BLOOMINGTON, Minn. – Two Octobers ago, he was a Miami supernova. Jay Ajayi became only the fourth player in NFL history to rush for 200 yards in back-to-back games. He was the present and the future of the Dolphins.
Last October, he was gone. The Dolphins traded Ajayi for a fourth-round pick. It was one of the biggest surprises of the NFL season. It was a shock to Ajayi.
“I didn’t know I was going to be traded,” he said Thursday. “I was waking up, going to work, and I found out I was traded.”
He says he was more than a little overwhelmed when he heard he was a Philadelphia Eagle. “A lot of emotions,” he said. “My brothers in the locker room – I won’t be with them anymore. I was figuring out how things are going to move forward. A lot of things were happening very quickly.”
There was another jolt coming: reports emerged that Ajayi wasn’t a good team player. According to the Miami Herald: “He complained bitterly about not getting the football. He stormed out of the locker room – get this, after wins – because he hadn’t gotten what he deemed to be enough carries.”
“The storylines that came out were a little bit disappointing,” Ajayi said Thursday. “But that’s the business.”
And the business in Philly means Ajayi is no more of a featured back than he was in Miami. Maybe even less, with LeGarrette Blount sharing the rushing load (along with a little bit of Carson Wentz when he’s healthy). Ajayi has 517 rushing attempts in three NFL seasons. At Boise State he had 347 in one season. The pros are a reality check.
“In a committee it’s a little bit tougher,” he said. “Because sometimes it’s the hot hand. You have to understand that every opportunity, you have to take full advantage of it. You never know how it’s gonna go.”
Eagles coach Doug Pederson sat down Ajayi right away and spoke with him about team culture.
“I didn’t know a ton about Jay,” he said Tuesday. “But when he arrived, he and I had a conversation and really I just explained to him the environment, the locker room he was joining. Part of my message this year to our team, to our players is about ownership. We’re always looking to better our roster obviously, and Jay has made us better. Our guys embraced him. Our guys have said, ‘Listen, this is the way we practice; this is the way we do things.’”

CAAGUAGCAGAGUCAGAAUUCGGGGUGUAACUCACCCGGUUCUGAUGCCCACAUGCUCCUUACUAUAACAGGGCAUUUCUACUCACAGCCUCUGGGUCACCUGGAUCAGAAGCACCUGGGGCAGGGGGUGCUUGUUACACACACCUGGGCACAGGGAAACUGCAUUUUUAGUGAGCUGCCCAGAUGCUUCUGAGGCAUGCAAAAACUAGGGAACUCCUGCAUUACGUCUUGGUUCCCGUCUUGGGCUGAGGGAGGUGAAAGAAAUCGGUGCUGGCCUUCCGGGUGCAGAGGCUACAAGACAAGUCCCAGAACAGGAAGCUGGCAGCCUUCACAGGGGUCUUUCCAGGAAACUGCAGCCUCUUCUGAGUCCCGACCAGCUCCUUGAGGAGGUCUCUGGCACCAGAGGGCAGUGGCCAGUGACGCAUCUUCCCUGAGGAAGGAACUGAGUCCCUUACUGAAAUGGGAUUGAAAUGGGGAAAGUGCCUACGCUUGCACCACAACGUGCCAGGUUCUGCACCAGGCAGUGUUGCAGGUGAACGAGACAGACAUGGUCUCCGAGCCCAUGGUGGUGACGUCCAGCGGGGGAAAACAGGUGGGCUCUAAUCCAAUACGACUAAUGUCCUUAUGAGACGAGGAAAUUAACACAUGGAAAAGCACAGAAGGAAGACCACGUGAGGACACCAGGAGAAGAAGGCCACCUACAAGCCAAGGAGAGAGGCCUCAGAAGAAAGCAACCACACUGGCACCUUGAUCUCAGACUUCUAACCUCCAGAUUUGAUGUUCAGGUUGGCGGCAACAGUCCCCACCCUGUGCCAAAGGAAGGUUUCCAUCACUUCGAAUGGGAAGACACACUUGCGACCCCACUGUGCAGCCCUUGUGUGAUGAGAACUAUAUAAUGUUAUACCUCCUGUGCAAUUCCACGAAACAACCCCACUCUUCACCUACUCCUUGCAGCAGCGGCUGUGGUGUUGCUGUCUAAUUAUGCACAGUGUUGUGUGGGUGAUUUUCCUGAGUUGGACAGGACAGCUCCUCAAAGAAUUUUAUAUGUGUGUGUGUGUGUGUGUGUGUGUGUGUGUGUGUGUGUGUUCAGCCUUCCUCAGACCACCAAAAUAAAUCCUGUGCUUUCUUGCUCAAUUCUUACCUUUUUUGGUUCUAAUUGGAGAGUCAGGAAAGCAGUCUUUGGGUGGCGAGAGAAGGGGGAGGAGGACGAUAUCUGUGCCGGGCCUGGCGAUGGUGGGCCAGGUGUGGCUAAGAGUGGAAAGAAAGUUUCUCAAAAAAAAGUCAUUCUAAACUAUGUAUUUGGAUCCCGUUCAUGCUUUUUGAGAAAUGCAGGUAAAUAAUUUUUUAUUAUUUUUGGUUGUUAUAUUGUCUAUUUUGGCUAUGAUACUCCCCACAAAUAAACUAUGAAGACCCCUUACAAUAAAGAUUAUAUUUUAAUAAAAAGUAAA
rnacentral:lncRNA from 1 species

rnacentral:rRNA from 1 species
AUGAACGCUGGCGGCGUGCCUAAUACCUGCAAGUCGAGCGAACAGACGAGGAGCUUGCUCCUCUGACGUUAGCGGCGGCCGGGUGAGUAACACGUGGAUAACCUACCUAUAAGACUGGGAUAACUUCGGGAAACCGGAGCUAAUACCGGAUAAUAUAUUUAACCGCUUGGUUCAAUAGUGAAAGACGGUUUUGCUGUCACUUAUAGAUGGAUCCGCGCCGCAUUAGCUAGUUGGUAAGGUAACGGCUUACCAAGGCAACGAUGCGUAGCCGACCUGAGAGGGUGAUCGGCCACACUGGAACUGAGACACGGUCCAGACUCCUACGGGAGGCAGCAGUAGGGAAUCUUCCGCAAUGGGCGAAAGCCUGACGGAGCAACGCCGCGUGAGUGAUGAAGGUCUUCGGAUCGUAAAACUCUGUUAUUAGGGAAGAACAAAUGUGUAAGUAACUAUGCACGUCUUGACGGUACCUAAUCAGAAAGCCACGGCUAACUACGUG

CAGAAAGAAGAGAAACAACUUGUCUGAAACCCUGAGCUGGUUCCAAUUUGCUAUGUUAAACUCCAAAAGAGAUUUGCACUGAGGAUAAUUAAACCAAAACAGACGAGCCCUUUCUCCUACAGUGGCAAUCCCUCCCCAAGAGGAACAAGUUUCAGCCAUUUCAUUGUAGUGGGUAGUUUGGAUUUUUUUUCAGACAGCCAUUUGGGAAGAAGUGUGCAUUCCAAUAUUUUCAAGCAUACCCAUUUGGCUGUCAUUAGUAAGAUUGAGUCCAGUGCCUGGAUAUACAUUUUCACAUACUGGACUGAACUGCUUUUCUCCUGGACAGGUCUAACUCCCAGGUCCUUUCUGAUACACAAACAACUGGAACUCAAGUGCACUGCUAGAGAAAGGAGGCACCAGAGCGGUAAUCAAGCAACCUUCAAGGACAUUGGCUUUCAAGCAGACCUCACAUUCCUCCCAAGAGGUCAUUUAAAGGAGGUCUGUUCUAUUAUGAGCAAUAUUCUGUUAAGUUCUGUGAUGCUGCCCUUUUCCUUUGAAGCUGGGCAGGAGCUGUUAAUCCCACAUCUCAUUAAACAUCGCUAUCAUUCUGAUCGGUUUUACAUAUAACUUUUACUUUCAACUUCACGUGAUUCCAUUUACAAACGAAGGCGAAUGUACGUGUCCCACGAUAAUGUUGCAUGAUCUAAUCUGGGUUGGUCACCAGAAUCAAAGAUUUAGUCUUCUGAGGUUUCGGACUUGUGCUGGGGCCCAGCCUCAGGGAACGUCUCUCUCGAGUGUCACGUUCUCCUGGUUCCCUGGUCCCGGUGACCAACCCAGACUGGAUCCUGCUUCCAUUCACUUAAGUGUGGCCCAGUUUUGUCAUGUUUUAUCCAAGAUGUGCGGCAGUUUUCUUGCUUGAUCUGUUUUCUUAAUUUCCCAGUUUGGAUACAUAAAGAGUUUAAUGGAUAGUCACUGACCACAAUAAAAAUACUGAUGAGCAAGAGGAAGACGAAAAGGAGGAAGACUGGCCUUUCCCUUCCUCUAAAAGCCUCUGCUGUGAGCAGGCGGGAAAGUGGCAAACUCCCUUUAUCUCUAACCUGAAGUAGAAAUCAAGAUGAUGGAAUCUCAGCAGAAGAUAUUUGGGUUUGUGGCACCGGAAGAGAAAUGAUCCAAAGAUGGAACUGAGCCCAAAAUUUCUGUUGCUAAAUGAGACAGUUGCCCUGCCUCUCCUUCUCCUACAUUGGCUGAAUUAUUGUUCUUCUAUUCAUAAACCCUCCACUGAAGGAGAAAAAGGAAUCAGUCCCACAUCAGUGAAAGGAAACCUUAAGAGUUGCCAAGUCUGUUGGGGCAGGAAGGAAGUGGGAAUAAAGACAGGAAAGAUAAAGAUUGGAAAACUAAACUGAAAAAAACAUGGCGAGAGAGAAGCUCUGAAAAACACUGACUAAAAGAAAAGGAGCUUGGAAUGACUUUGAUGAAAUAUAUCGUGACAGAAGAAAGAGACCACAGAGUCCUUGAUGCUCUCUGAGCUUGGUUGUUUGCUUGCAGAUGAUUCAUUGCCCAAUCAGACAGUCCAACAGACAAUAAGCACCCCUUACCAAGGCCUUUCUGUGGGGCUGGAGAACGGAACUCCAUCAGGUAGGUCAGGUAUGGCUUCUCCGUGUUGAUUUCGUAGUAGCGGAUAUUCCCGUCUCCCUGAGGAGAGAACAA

The drama of an alleged malcontent is easy to discuss and debate. But that has overshadowed one of the most underrated aspects of Ajayi’s game: pass protection.
“His pass pro blew my mind,” said teammate Trey Burton. “He was immediately able to pick the defenses up when every week was a different team.”
That’s something Ajayi has worked on from the beginning of his time with the Dolphins. For whatever other issues Miami coach Adam Gase may have had with him, the progress on that front is a tribute to his seriousness. He’s not a diva about blocking.
“It’s always something I took pride in,” he said Thursday. “Knowing where my eyes are, where my reads are, understanding my keys and getting the [blitz] pickup and keeping the quarterback clean.”
It’s hard to overestimate how important that will be on Super Bowl Sunday. Matt Patricia’s Patriots defense will throw all kinds of looks at the Eagles, and quarterback Nick Foles will need all the time in the pocket he can get. Ajayi staying home to block – or releasing into space after blocking – will make the passing game that much more dynamic.
No, that’s not 200 yards in a day. But it may be more valuable against New England. After all, the Eagles are at the top of the league in time of possession, and anyone who’s watched the Patriots knows how vital that is. A good blitz pickup is the difference between moving the chains and fourth-and-long.
“I’ve learned a lot more about how to read a defense,” Ajayi said Thursday. “My confidence level has grown. I’ve learned about the business as well. Certain things are out of your control.”
True. But this Sunday, Ajayi will control more than a lot of people realize.